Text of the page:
Did I later regret the morning and the heart connections made, however short our time may have been? Not for a second. I had a glimpse at the unspeakable joy and excitement that comes when I get out of God's way and follow His lead. A couple of years ago I would have NEVER, ever even been open to the thought of foster care. Yet here I am, living heartbroken and fiercely passionate about doing something about these precious lives.
Tis so sweet to trust in Jesus.
In-between these growing and stretching pains our family is facing, there is so much good that keeps us going. Simple things like playing out in the rain on one of the last summer days, cutting a bouquet of zinnia's, or chasing butterflies with a pink net.
Dance parties to the Trolls soundtrack, fluffing our nest and decorating here and there, cooking with garden-fresh tomatoes, stacks of books on the bedside, and morning cups of tea are all bits of joy.
Endless giggles, silly time with Dad, lego building, checking the cows, conversations with Nana, pulling out my Nikon, early bedtimes, weekend adventures, growing in friendship with our church community, and having fun date nights with Brett are all constants.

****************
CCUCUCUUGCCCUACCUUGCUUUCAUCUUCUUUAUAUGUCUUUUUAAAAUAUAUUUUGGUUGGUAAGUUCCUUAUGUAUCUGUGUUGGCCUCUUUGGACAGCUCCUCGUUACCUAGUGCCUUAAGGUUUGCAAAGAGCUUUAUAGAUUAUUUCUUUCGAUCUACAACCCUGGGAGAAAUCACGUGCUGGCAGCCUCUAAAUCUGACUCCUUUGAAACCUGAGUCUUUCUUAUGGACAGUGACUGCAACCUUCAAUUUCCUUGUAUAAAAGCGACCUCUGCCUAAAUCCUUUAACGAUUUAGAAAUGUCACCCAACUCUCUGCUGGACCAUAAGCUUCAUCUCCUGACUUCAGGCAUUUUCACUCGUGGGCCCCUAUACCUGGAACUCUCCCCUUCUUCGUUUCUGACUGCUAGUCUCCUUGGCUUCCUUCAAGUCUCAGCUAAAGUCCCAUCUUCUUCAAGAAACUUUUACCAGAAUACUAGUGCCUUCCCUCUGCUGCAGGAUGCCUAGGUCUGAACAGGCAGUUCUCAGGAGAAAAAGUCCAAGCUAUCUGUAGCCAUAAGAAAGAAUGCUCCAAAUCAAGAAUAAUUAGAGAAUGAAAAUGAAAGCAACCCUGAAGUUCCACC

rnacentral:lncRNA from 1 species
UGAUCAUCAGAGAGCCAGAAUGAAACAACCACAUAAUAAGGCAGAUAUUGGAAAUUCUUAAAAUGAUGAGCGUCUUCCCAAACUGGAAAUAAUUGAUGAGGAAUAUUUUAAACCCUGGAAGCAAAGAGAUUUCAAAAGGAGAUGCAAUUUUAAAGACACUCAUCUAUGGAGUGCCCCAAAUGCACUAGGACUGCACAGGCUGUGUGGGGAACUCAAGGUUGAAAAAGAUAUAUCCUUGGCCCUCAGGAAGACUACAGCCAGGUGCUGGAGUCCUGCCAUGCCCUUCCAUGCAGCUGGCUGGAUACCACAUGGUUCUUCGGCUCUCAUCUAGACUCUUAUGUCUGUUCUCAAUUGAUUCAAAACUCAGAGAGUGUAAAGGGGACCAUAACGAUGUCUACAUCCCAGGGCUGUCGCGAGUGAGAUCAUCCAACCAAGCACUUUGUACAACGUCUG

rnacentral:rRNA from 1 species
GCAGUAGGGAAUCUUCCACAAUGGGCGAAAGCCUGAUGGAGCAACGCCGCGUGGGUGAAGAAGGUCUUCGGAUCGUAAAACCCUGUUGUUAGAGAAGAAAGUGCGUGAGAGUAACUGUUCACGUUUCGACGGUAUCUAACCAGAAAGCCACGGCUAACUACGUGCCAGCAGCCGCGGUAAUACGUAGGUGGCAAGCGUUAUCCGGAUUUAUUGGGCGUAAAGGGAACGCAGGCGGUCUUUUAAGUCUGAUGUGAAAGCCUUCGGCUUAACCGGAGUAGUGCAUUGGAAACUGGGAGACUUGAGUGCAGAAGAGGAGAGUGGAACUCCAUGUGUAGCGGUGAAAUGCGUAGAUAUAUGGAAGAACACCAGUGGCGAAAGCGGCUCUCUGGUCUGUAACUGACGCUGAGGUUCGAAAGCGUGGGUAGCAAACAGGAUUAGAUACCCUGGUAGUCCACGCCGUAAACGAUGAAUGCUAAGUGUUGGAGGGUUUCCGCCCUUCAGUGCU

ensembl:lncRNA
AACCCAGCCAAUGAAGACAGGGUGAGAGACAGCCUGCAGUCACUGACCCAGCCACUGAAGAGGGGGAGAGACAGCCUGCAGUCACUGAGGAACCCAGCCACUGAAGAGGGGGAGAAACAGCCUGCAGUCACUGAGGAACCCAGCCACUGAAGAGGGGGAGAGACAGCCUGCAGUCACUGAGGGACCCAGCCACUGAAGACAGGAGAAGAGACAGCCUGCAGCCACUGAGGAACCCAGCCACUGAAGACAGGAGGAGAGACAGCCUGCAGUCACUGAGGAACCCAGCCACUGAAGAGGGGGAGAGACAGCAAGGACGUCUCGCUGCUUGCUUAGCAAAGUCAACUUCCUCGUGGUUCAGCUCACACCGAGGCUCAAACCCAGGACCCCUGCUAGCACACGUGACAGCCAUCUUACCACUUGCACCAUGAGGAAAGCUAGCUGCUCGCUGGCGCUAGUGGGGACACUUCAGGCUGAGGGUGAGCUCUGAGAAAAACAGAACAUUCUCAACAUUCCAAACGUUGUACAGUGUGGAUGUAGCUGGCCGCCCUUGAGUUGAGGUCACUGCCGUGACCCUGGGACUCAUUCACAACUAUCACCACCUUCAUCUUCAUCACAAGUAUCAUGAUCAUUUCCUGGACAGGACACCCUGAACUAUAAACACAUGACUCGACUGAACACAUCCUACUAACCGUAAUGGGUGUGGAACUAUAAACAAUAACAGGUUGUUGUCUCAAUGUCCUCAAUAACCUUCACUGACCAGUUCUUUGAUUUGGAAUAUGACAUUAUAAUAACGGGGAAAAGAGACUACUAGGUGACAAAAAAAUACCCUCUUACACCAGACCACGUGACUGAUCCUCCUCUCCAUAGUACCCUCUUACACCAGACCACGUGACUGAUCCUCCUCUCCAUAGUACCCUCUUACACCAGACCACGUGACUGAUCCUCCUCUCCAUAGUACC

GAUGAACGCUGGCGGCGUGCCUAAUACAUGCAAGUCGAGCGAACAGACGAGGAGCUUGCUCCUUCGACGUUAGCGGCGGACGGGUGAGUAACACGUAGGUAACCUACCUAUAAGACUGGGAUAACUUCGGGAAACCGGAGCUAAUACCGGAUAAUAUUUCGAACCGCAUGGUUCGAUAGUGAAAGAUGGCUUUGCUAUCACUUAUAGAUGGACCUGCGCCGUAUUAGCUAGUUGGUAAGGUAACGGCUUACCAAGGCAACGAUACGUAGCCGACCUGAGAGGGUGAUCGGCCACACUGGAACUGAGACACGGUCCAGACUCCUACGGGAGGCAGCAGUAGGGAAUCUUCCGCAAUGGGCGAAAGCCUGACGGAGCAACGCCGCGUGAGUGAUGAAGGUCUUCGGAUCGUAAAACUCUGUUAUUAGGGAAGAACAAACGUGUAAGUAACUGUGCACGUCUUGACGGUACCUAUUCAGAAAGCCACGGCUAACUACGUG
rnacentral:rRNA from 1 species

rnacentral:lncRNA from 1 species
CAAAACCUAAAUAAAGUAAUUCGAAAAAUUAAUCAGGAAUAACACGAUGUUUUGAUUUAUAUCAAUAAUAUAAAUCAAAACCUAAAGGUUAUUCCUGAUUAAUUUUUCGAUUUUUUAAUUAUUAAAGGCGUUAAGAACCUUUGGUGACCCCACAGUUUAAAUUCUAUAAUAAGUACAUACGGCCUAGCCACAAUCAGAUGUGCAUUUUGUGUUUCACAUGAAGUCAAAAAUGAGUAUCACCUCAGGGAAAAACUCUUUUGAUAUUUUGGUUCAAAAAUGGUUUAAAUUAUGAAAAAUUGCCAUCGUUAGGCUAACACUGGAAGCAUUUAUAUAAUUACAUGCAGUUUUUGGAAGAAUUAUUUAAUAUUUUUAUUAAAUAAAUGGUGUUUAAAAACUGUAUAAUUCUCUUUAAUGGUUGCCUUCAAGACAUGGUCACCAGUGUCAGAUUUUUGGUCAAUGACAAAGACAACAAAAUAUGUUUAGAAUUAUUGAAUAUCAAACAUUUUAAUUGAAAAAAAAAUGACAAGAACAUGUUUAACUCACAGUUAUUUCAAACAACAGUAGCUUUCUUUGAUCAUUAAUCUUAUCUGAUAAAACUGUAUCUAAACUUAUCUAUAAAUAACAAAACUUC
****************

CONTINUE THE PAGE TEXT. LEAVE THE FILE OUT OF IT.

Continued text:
These constants and daily pockets of joy are like diamonds in the night sky, shining the way to a heart of gratitude, no matter the weather outside.
It has occurred to me this summer that I could very well live in my beautiful country home, with my safe and predictable lifestyle and that would be fine. I could get to the end of my life, having loved many people, even loved them well.
But that story seems dull. Even typing it I felt a small sigh escape my lips, immediately thinking "that's it?"
I am instead, going for the choose your own adventure kind of life.
Only I'm not choosing.
Just trying to be a patient follower of the one who is.
The same God that raised Christ Jesus from the dead and saved my sins permanently and made the butterflies so fantastically creative and gave them wings to fly,
is the same God going before me and behind me and everywhere around me for the glory of Him.
I just have to do this.
Wake each day and do this.
Wake each day and do this.